“If we genuinely desire that democracy should have a fair chance of success, we shall have to make provisions against the illegal seizure of power by Fascist groups, and also by Communist groups.

“In the absence of law, there is liberty only for gangsters.
(“Obstacles to Democracy in Liberated Countries”, 1945; 43, 24: 236, 237, 238, 239)   

“After a period of anxiety, their [the Japanese government's] victories over China and Tsarist Russia led them to think themselves invincible, and to embark upon the insane career of conquest which is now leading them to utter disaster.

(“The Future in China and Japan”, 1945; 44, 24: 243, 243, 244, 244–5)  

         “The formula of unconditional surrender, in the case of Japan even more than in that of Germany, is foolish, and calculated to prolong the war unnecessarily. What we should demand of Japan is clear: surrender of all her conquests on the mainland of Asia and in the islands outside Japan proper, and total disarmament for a period of years.

“It is likely that Manchuria, including Port Arthur and the Chinese Eastern Railway, will be claimed by the Soviet Government, on the ground that it belonged to the Tsarist Government before the Russo-Japanese war.

“The Chinese communists, unlike those of most other countries, are an agrarian party, standing for the abolition of landlords and the promotion of cooperation among the actual cultivators—both essential if the appalling poverty of peasants is to be relieved. But Chiang Kai-shek and the officers of his army (who are largely of the landlord class) will not willingly concede these reforms. The problem will have to be solved by a compromise, if civil war is to be avoided.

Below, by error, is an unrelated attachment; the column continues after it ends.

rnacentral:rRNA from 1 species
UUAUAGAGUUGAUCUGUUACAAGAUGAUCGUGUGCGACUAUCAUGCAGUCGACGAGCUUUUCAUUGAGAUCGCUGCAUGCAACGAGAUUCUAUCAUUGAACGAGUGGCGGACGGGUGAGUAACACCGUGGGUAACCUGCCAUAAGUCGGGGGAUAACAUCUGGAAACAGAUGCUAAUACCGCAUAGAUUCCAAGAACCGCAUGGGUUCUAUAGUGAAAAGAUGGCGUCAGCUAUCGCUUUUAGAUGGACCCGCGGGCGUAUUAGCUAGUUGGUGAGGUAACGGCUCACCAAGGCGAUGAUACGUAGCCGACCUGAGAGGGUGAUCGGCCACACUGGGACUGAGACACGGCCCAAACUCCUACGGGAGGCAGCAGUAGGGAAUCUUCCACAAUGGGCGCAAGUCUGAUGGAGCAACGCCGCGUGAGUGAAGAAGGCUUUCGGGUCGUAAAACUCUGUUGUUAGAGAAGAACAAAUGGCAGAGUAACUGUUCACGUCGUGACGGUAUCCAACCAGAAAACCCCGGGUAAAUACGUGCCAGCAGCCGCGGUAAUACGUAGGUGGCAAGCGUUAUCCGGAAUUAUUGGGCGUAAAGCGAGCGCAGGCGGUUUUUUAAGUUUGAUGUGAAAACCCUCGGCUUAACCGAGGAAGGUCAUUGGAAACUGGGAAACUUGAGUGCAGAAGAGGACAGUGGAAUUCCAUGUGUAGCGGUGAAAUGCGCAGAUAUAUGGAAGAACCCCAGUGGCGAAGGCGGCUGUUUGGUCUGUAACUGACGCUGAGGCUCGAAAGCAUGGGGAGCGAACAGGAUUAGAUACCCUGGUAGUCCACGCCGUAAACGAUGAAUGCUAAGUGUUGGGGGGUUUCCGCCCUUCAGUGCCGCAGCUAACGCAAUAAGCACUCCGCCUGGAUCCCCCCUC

“It is difficult to improve the economic position of the ordinary inhabitant of India or China or Japan except by measures which will rouse opposition in white countries, not only on the part of capitalists, but also on the part of many of the wage-earners. It would be unjust and unwise to prevent emigration to tropical and sub-tropical countries, or to erect discriminatory tariff barriers against exports from Asiatic countries. White men have no divine right to superiority, either politically or socially, and the sooner this is universally acknowledged the better.